We have run the numbers using both revenues and social media, and we have some expected and some surprising results regarding NFL fan bases. In a repeat from last year, the Cowboys have the top fan base in terms of our “Fan Equity” metric. This is a measure of brand equity that is based on fans willingness to financially support their team. Our rankings are based on the average Fan Equity score for the last three years (please note that the statistical model is estimated using the last thirteen years of data). But Dallas is no one time wonder; the Cowboys have taken the honors for this metric for the last five years. Following Dallas, are the fan bases of the Patriots, Jets, Giants and Colts.
At the bottom of the list we have a happy surprise! The Atlanta Falcons have moved to the middle of the pack and rank 22nd. We are thrilled by this result. The bottom five includes Buffalo, Jacksonville, Cleveland, Miami and Oakland. The team ranked sixth from the bottom is likely to raise some eyebrows. The numbers suggest that while the Seahawks fans are very loud, they are a below average fan base on the Fan Equity metric. At the end of the day, it appears that Seahawks fans are not willing to pay the prices that you would expect for a team of the quality of the Seahawks in a market with the demographics of Seattle. However, there is another explanation for the Seahawks fans poor showing. Maybe the assumption that the Seahawks are pricing to maximize revenues isn’t correct. Our Fan Equity measure implicitly assumes that teams are revenue maximizers. There is a reasonable case to be made that this assumption is not always true. For example, the Steelers and Packers could easily raise prices and continue to sell-out their stadiums.
No metric is perfect (though a revenue-premium based model that is derived from a statistical analysis of thirteen years of data is a pretty good one for a profit and brand-conscious industry like professional football). Therefore, we supplement our Fan Equity analysis with a look at social media followings across teams. Our “Social Media Equity” measure is again based on an analysis of how strong each team’s social media following is after controlling for team quality and market characteristics. Social Media Equity therefore has some beneficial properties. Most importantly, it is not constrained by stadium capacities or team pricing policies. It also provides a means for capturing national level brand equity. Of course, we recognize there are limitations to this metric, especially related to the choice of social media platforms and the “engagement” of followers.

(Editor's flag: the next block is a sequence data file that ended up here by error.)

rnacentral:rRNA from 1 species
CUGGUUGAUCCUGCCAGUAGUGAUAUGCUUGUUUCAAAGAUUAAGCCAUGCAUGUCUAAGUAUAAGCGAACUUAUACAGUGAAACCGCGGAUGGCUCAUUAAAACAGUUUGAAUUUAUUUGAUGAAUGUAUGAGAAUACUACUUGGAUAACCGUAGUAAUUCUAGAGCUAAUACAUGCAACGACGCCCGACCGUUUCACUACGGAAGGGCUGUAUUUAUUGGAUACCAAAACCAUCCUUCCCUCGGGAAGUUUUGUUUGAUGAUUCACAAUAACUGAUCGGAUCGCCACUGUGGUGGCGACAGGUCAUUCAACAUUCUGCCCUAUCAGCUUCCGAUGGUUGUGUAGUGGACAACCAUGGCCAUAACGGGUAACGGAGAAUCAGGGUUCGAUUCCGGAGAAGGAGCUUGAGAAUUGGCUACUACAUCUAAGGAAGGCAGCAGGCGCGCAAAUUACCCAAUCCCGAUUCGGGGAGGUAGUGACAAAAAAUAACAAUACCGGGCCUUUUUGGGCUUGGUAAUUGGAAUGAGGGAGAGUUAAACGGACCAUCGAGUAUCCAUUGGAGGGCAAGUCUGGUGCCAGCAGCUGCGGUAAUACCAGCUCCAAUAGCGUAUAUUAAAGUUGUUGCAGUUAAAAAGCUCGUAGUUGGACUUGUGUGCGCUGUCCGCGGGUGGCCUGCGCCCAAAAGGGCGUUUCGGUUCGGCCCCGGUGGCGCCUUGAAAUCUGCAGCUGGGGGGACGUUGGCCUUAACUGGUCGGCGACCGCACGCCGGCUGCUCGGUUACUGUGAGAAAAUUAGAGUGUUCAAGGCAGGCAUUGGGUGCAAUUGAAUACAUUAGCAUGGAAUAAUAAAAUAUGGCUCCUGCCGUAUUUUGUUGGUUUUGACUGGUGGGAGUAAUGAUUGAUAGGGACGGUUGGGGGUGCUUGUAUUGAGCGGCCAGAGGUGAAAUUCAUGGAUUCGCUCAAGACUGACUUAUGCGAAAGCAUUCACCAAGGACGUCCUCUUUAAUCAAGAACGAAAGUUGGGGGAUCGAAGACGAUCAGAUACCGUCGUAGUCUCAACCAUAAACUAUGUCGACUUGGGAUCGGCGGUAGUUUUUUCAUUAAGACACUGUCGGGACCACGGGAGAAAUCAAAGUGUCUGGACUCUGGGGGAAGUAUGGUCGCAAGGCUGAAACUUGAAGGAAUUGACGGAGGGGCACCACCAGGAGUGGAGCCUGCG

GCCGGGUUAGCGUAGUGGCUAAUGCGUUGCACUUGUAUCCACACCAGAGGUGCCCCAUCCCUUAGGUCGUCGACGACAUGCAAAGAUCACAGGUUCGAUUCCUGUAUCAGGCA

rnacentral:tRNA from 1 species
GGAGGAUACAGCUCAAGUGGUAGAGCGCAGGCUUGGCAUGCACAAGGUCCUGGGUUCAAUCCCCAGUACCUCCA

When we look at Social Media Equity, some interesting things happen. First, we have a new winner. On the social dimension, Pittsburgh ranks first, followed by Dallas, New England, Green Bay and New Orleans. As a long-time Steelers fan, Professor Lewis thinks this is a great result in two ways: not only are the Steelers at the top of the list, but they are ahead of the Cowboys. This list also has significant face validity as the Steelers, Cowboys, Patriots and Packers are some of the league’s most high profile teams. The Seattle Seahawks rank in the middle of the pack in terms of Social Media Equity. The Seattle fan base doesn’t seem as impressive when we control for team success and market demographics. It should be noted, however, that equity is built over time; we would not be surprised to see Seattle on top of these rankings in the future.
Finally, at the bottom of the Social Media Equity rankings, we have the Arizona Cardinals. Fan Fact: The Cardinals have about 100,000 Twitter followers compared to about 80,000 for the Cowboys’ Cheerleaders. Also trailing the pack in terms of Social Media Equity are the Rams, Panthers, Chargers and Professor Tripathi’s favorite team, the Washington NFL Franchise.
Mike Lewis & Manish Tripathi, Emory University 2014.